Pervez Musharraf president of Pakistan rejected pressure from former premier Benazir Bhutto to make a snap decision on a power-sharing deal that would see him quit as army chief.
Bhutto said she needed to know by the weekend if key US ally Musharraf, who is under fierce pressure to give up his military role, would agree to a pact that would also allow her to return from self-imposed exile.
"While the president believes in dialogue and deliberations on all important issues he never works under any pressure or ultimatum," Musharraf's spokesman, retired Major General Rashid Qureshi, said in a statement.
"The president would take all decisions only in national interest at appropriate times according to the constitution and law," he said in the first official reaction from Musharraf’s camp on talks in London.
The sticking point between Bhutto and Musharraf's representatives has been whether the president will shed his uniform before he stands for re-election by parliament in September or October, political sources said, Khaleej Times reports.
While addressing a Press Conference, Federal Railway Minister Sheikh Rashid Ahmed on Wednesday said that almost 80 percent matters regarding deal with Benazir Bhutto have been sorted adding that in next two days package will be completed.
The "transition to democracy" deal between President General Pervez Musharraf and former Prime Minister Benazir Bhutto is almost through while Government has no contact with Nawaz Sharif, he said.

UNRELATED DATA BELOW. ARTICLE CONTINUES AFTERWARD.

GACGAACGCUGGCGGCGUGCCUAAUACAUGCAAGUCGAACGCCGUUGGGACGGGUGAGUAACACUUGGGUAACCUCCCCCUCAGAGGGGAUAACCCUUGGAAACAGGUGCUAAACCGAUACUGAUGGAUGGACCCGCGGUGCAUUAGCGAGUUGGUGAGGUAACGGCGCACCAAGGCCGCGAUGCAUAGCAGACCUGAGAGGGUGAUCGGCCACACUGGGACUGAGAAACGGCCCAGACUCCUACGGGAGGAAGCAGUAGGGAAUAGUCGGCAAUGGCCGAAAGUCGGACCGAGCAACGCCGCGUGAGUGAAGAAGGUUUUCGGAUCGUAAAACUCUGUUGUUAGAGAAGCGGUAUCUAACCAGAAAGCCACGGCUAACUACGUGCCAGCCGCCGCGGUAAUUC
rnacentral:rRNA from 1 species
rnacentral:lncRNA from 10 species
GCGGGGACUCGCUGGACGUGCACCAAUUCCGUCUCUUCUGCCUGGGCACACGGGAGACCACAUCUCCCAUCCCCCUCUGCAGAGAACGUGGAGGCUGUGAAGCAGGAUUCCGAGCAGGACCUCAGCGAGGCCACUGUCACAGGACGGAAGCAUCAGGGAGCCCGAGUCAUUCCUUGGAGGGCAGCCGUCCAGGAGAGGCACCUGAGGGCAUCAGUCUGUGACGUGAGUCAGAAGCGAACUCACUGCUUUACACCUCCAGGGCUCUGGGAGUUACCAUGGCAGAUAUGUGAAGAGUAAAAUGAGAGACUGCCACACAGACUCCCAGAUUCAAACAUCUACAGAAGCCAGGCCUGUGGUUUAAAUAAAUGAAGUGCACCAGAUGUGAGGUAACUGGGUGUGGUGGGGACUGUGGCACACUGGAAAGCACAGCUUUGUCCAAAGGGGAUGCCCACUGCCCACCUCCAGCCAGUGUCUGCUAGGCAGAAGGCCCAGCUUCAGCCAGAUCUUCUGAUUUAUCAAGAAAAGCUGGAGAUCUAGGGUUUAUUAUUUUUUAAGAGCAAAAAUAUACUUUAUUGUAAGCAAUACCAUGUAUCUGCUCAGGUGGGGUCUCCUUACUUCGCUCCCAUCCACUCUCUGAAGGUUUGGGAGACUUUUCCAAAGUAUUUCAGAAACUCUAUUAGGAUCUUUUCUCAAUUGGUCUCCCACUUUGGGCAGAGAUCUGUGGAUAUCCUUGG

He said that President General Pervez Musharraf will soon make an announcement regarding his uniform issue.
Replying to a question, he said that no one can compete with Chaudhry Shujaat Hussain and Pervaiz Elahi underlining PML (Q) will sweep general elections.
He further said that Benazir too has termed Nawaz Sharif as security risk adding that some of the politicians have forgotten their past.
He added that if the deal does not work with PPP, Government has others options too to consider, PakTribune reports.
When General Wesley Clark spoke about the famous list of seven Middle Eastern countries to be demolished in five consecutive years, he has done nothing but remark, for the last time, if there was any need, Washington's willingness to redesign the Middle East within a more general framework of global domination.